"Graeme, sweetie, don't grab the candles!" It had seemed like such a good idea, putting up Christmas decorations. She never really had in previous years. It had never seen like something she had to do. Hogwarts had always done it and after Hogwarts it just didn't seem like something she wanted to do. She hadn't really grown up with it. Her father had always tried, but no one had ever really been interested. It just didn't fit into their house or their lives. It was useless and not as fun as their other parties. But now... Well, this year it just felt nice and cosy. She'd be with her kids and no one else and that was good. It was perfect. Asha could buy presents for them and she was sure George would too. Maybe she could encourage Graeme and Lea to make presents for each other. They were old enough, right? And they were like two peas in a pod. It was great to see them together. 


But when they weren't together, Graeme had to find other distractions. And that was when the trouble started. "Why?" He asked. Asha already started rolling her eyes. He couldn't see it, because he was too busy trying to reach the candles. Asha picked him up and put him down away from them. "Because you'll get hurt."

"Why?" Yes, they were going to do this. Great.

"Because fire is hot."


"Because it is." Asha had no idea why fire was hot. She couldn't look it up either and why would it matter? Fire was hot. It just was the way things were. 

"Would daddy know?"

Asha thought about that. "I don't know." She said. "But daddy has a library, maybe we could find out there."

"What's that?"

"It's a place with lots of books."

"Oh." He didn't look very interested. Probably already distracted by something else. He liked learning, but he wasn't really interested in anything other than things he could see right in front of him. He couldn't read, so he didn't care.


"Do you want to help me bake biscuits?" She asked and the boy nodded wildly immediately. It was the best way to distract him from the candles. She wouldn't give him any tools anyway.

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She watched as Graeme threw handfuls of berries into the cookie batter. She'd have to take some of them out while he wasn't looking, because the biscuits were going to fail otherwise. And he would have a tantrum if she took them out while she could see. His hands were stained purple. Asha knew it was a good idea to keep a bush in her tiny magical greenhouse. The children would have fresh fruit all year round. She didn't really know what exactly made fruit healthy, but it was and they seemed to like it, so she wasn't going to complain. It kept diseases at bay anyway and that was good enough for her. When he was done, she distracted him for a moment and took some of the berries away so she could hide them. Then she mixed everything together.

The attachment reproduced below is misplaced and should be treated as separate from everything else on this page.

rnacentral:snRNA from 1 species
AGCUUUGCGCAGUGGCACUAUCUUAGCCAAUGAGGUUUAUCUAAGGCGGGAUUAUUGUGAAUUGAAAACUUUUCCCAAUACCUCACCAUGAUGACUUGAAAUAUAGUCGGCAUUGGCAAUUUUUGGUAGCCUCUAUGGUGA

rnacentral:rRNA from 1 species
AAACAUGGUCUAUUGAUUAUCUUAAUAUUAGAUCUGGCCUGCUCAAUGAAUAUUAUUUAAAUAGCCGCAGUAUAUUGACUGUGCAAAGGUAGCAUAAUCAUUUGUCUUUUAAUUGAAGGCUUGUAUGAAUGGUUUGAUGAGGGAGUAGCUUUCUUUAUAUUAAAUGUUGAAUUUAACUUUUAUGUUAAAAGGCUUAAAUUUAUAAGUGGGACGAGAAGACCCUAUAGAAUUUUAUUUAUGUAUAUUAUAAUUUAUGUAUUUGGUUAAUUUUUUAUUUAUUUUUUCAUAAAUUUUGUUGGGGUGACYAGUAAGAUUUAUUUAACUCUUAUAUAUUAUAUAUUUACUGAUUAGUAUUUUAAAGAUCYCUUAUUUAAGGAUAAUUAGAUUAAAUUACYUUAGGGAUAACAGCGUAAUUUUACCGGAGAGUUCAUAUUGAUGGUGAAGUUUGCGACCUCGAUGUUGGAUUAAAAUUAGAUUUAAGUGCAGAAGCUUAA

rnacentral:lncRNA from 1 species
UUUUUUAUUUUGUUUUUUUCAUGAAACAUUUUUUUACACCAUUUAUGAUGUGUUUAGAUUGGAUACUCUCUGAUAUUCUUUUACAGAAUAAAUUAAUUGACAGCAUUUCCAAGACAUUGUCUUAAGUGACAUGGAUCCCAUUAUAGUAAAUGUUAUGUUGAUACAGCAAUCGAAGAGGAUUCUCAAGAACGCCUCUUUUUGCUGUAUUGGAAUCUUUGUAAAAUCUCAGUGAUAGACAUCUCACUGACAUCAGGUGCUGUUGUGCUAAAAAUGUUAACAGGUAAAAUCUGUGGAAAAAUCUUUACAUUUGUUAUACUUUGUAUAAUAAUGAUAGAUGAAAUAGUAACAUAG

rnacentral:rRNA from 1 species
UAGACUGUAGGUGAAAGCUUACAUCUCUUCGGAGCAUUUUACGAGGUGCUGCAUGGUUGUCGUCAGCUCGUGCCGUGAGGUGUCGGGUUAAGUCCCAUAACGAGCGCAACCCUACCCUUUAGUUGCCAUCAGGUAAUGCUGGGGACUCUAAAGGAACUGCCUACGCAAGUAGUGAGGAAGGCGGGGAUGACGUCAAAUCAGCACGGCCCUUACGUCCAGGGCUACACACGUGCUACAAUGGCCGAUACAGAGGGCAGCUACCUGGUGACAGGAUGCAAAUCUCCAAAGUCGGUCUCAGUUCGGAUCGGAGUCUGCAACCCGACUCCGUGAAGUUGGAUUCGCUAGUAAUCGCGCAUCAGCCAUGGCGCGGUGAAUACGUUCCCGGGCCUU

Meanwhile Graeme was staring at her. Or more accurate, at her belly. She knew why. Asha had already told him, of course. She'd told all the children, even Thomasin, who wouldn't even know what she was talking about, because she had barely gotten an understanding of what her hand was. But Graeme knew. Not a lot, but he knew. So he was staring and eventually there would be...

"Baby?" Yes, there it was. Questions. That was okay. Toddlers asked lots of questions. She was used to it.

"Yes, there's a baby in there." She said.

"Why?" Again? Really?

Asha sighed. It wasn't really a question she could answer, but it wasn't a question she minded. Her own views had always been very open and she was of the belief that everyone made a way bigger deal out of it than it actually was. But he was too young to know for now. She did know that. "To protect it." She simply answered. It'd be enough. He'd just keep asking...


"Because babies are fragile and they need protecting."

Graeme frowned. He was thinking about something and didn't understand. She wanted to hug him. He looked so adorable like that, but he didn't like being hugged when he was thinking and she had dough on her hands anyway. She'd have to bathe him again. "Thoma?"

Ah yes, Thomasin was also a baby. And Amphelisia too, really. Honestly, she considered Graeme and Lea to also be babies, but they technically weren't. But she could understand the confusion now.

"Thomasin and Amphelisia are bigger now. They don't need it."

He kept thinking, but eventually nodded. Mommy would know best after all. He snuggled against her leg and put his thumb in his mouth. Asha stroked a doughy hand through his hair. She'd have to wash it later, but she didn't mind. Moments like these were what she lived for. Graeme loved her and she loved Graeme. Just like she loved all her children. Just like she would love the child growing in her belly. She already did.


Yes, life was perfect. A bit uneventful, maybe, but that was good. She loved everything about it and always would



The end